Richard was still not feeling good, but he decided to go to work rather than take more time off. I did my Book Devotional Reading, and on our way to work I did my Internet Devotional Reading. Today was the last day of the two-week pay period at the casino; today was also the second day of the two-day Heavy Business Volume Day period for President’s Day. Richard attended the Sunday Pre-Shift Meeting. Out on the casino floor, Richard was first the dealer on Macau Mini Baccarat; when that table closed, he was a Check Racker on Roulette, then was the dealer on Mississippi Stud for the rest of the day. I was on the second Pai Gow table; when that table closed, I was on a Blackjack table for twenty minutes, then became the dealer on Pai Gow for the rest of the day. On my breaks I continued reading The Death House by Sarah Pinborough via Kindle on my tablet, and Richard and I both got our $5.00 meal comps, given to everyone in Table Games to celebrate another stellar score in Guest Satisfaction. (We scored something like 72%, which is apparently outstanding; I would prefer a scale from 1 to 10, or perhaps 1 to 11.)

On our way home I continued reading The Death House by Sarah Pinborough via Kindle on my tablet until I got to a good stopping place. Once home from work I read the Sunday papers; I then came to the computer to do today’s Daily Update, as I plan to go to bed for the duration after I finish this Daily Update. In sports, our LSU Tigers will play a home College Baseball game with the Air Force Falcons. Our LSU Lady Tigers will be playing two College Softball games, first with the Central Arkansas Lady Bears, then with the Georgia Southern Lady Eagles. And our LSU Lady Tigers (18-8, 7-6) will be playing an Away College Basketball game with the Georgia Lady Bulldogs (13-3, 5-8); I will post the scores of these games in tomorrow’s Daily Update.

Tomorrow is the Optional Memorial of Blessed Jacinta Marto (died 1920) and Blessed Francisco Marto (died 1919). It is also the World Day of Social Justice, and since tomorrow is the Third Monday in February, tomorrow is Washington’s Birthday (Observed) / Presidents’ Day. Tomorrow is the first day of the two-week pay period at the casino, and on my breaks I will finish reading The Death House by Sarah Pinborough via Kindle on my tablet. Once I get home from work (after lunch), I will do my Book Review for this weblog and for my Goodreads and Facebook accounts for The Death House by Sarah Pinborough.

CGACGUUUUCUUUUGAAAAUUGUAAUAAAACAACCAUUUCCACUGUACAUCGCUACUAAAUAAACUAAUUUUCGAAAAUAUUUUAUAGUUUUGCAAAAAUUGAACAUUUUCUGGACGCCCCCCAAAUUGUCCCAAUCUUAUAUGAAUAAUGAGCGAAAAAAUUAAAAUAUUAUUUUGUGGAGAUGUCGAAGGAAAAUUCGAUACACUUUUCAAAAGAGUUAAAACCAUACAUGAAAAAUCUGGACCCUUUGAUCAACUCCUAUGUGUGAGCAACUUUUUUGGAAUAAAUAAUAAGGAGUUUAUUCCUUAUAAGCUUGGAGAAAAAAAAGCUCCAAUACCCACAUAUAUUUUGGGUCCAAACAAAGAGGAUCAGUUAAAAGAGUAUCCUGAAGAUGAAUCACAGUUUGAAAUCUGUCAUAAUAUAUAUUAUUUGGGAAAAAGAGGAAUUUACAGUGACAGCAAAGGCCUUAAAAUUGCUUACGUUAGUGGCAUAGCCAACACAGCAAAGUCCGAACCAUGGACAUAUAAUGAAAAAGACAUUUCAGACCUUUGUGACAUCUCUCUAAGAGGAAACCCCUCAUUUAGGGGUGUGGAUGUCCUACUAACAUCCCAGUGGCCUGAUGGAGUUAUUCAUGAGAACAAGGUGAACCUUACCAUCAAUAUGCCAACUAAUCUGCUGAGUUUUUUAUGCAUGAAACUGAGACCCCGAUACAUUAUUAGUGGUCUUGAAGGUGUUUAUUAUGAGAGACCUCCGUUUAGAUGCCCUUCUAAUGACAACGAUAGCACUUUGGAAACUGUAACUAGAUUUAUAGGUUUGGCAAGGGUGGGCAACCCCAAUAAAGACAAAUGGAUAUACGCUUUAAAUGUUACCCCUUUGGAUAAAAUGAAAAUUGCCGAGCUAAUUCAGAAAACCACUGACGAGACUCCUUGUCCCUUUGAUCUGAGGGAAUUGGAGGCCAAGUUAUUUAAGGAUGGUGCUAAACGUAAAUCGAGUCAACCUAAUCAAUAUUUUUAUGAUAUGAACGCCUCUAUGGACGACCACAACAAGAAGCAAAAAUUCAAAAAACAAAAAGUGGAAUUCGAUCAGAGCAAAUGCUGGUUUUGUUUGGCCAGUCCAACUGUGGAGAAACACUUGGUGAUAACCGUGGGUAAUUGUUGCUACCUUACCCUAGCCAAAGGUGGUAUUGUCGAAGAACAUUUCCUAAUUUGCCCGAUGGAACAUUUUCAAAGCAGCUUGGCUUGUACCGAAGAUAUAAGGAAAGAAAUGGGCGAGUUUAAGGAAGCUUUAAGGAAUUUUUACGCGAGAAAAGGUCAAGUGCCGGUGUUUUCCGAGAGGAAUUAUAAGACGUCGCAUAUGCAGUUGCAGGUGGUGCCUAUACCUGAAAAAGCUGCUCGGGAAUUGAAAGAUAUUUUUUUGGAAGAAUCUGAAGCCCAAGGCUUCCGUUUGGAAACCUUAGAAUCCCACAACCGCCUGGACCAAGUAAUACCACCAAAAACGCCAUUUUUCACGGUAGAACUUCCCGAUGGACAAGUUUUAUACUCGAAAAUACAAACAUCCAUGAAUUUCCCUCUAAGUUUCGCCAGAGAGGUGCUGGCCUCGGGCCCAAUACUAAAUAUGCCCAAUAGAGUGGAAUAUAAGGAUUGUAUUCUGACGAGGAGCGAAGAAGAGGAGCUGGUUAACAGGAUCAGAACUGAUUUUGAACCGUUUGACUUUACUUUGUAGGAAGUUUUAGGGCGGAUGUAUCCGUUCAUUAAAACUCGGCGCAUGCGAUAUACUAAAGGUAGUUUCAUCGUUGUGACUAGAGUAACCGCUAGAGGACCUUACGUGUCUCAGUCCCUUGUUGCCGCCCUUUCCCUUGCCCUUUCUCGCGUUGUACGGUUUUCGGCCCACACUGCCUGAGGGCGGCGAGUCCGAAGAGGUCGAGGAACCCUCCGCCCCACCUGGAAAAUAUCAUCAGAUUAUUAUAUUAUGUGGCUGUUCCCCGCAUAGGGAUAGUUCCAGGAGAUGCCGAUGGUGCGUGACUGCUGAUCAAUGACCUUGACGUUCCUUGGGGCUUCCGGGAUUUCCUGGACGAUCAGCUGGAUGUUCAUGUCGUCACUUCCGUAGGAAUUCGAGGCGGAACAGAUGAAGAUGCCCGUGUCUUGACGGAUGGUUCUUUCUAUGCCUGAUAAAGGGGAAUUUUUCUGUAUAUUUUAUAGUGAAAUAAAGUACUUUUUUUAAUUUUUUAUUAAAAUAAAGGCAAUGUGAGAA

Our Parting Quote on this Sunday afternoon comes to us from Harper Lee, American author. Born as Nelle Harper Lee in 1926 in Monroeville, Alabama, her first name (the name she went by outside of literary life) was her grandmother’s name spelled backwards. Her father, a former newspaper editor and proprietor, practiced law and served in the Alabama State Legislature from 1926 to 1938. While in high school Lee developed an interest in English literature. After graduating from high school in 1944, she attended the then all-female Huntingdon College in Montgomery for a year, then transferred to the University of Alabama in Tuscaloosa, where she studied law for several years and wrote for the university newspaper, but did not complete a degree. In the summer of 1948, Lee attended a summer school in European civilization at Oxford University in England, financed by her father, who hoped (in vain, as it turned out) that the experience would make her more interested in her legal studies in Tuscaloosa. In 1949 Lee moved to New York City and took a job as an airline reservation agent, writing fiction in her spare time. Having written several long stories, Lee found an agent in November 1956. The following month, at Michael Brown’s East 50th Street townhouse, she received a gift of a year’s wages from friends with a note: “You have one year off from your job to write whatever you please. Merry Christmas.” In the spring of 1957, a 31-year-old Lee delivered the manuscript for Go Set a Watchman to her agent to send out to publishers, including the now-defunct J. B. Lippincott Company, which eventually bought it. At Lippincott, the novel fell into the hands of Therese von Hohoff Torrey (known professionally as Tay Hohoff), who was impressed by the manuscript, but who thought the manuscript was by no means fit for publication. During the next couple of years, she led Lee from one draft to the next until the book finally achieved its finished form and was retitled To Kill a Mockingbird. When the novel was finally ready, the author opted to use the name “Harper Lee”, rather than risk having her first name Nelle be misidentified as “Nellie”.  Published on July 11th, 1960, To Kill a Mockingbird was an immediate bestseller and won great critical acclaim, including the Pulitzer Prize for Fiction in 1961. It remains a bestseller, with more than 30 million copies in print. The film adaptation of the book, starring Gregory Peck as Atticus Finch (who won an Oscar for his performance) came out in 1962.  Lee became friends with Peck; his grandson was named after her. Lee then accompanied childhood friend Truman Capote (who appeared as Dill Harris in To Kill a Mockingbird) to Holcomb, Kansas, to assist him in researching what they thought would be an article on a small town’s response to the murder of a farmer and his family. Capote expanded the material into his best-selling book, In Cold Blood, published in 1966. In January 1966 President Lyndon B. Johnson appointed Lee to the National Council on the Arts. Lee returned to Monroeville and granted almost no requests for interviews or public appearances and, with the exception of a few short essays, published nothing further until 2015. She did work on a follow-up novel, provisionally titled The Long Goodbye, but eventually filed it away unfinished. Late in 1978, Lee spent some time in Alexander City, Alabama, researching a true-crime book called The Reverend, which was never published. During the mid-1980s, she began a factual book about an Alabama serial murderer, but also put it aside when she was not satisfied. When Lee attended the 1983 Alabama History and Heritage Festival in Eufaula, Alabama, she presented the essay “Romance and High Adventure”. In 1999 To Kill a Mockingbird was voted “Best Novel of the Century” in a poll by the Library Journal. In March 2005 Lee arrived in Philadelphia (her first trip to the city since signing with publisher Lippincott in 1960) to receive the inaugural ATTY Award for positive depictions of attorneys in the arts from the Spector Gadon & Rosen Foundation. At the urging of Peck’s widow, Veronique Peck, Lee traveled by train from Monroeville to Los Angeles in 2005 to accept the Los Angeles Public Library Literary Award. She also attended luncheons for students who did written essays based on her work, held annually at the University of Alabama. On May 21st, 2006, she accepted an honorary degree from the University of Notre Dame, where graduating seniors saluted her with copies of To Kill a Mockingbird during the ceremony. On November 5th, 2007, George W. Bush presented Lee with the Presidential Medal of Freedom. This is the highest civilian award in the United States and recognizes individuals who have made “an especially meritorious contribution to the security or national interests of the United States, world peace, cultural or other significant public or private endeavors”. In 2010 President Barack Obama awarded Lee the National Medal of Arts, the highest award given by the United States government for “outstanding contributions to the excellence, growth, support and availability of the arts”. On May 3rd, 2013, Lee had filed a lawsuit in the United States District Court to regain the copyright to To Kill a Mockingbird, seeking unspecified damages from a son-in-law of her former literary agent and related entities. Lee claimed that the man “engaged in a scheme to dupe” her into assigning him the copyright on the book in 2007, when her hearing and eyesight were in decline, and she was residing in an assisted-living facility after having suffered a stroke. In September 2013 attorneys for both sides announced a settlement of the lawsuit. That same year it had come to the attention of Lee that the Monroe County Heritage Museum was promoting itself and selling souvenirs related to To Kill a Mockingbird without her consent. Lee’s attorneys filed a trademark application on August 19th, 2013, to which the museum filed an opposition. This prompted Lee’s attorney to file a lawsuit on October 15th that same year; in February 2014, Lee settled the lawsuit against the Monroe County Heritage Museum for an undisclosed amount. In 2014 when Lee’s lawyer re-examined Lee’s safe deposit book, she found the original manuscript for Go Set a Watchman, which was thought to have been lost. After contacting Lee and reading the manuscript, she passed it on to Lee’s agent Andrew Nurnberg. The book was published in July 2015 as a sequel to To Kill a Mockingbird, though it was confirmed to be the first draft of the latter, with many narrative incongruities, repackaged and released as a completely separate work. The book was set some 20 years after the time period depicted in Mockingbird, when Scout returns as an adult from New York to visit her father in Maycomb, Alabama. The publication of the novel (announced by her lawyer) raised concerns over why Lee, who for fifty-five years had maintained that she would never write another book, would suddenly choose to publish again; there were allegations that the publication had taken place without Lee’s full consent (died 2016): “I never expected any sort of success with Mockingbird. I was hoping for a quick and merciful death at the hands of the reviewers, but, at the same time I sort of hoped someone would like it well enough to give me encouragement. Public encouragement. I hoped for a little, as I said, but I got rather a whole lot, and in some ways this was just about as frightening as the quick, merciful death I’d expected.”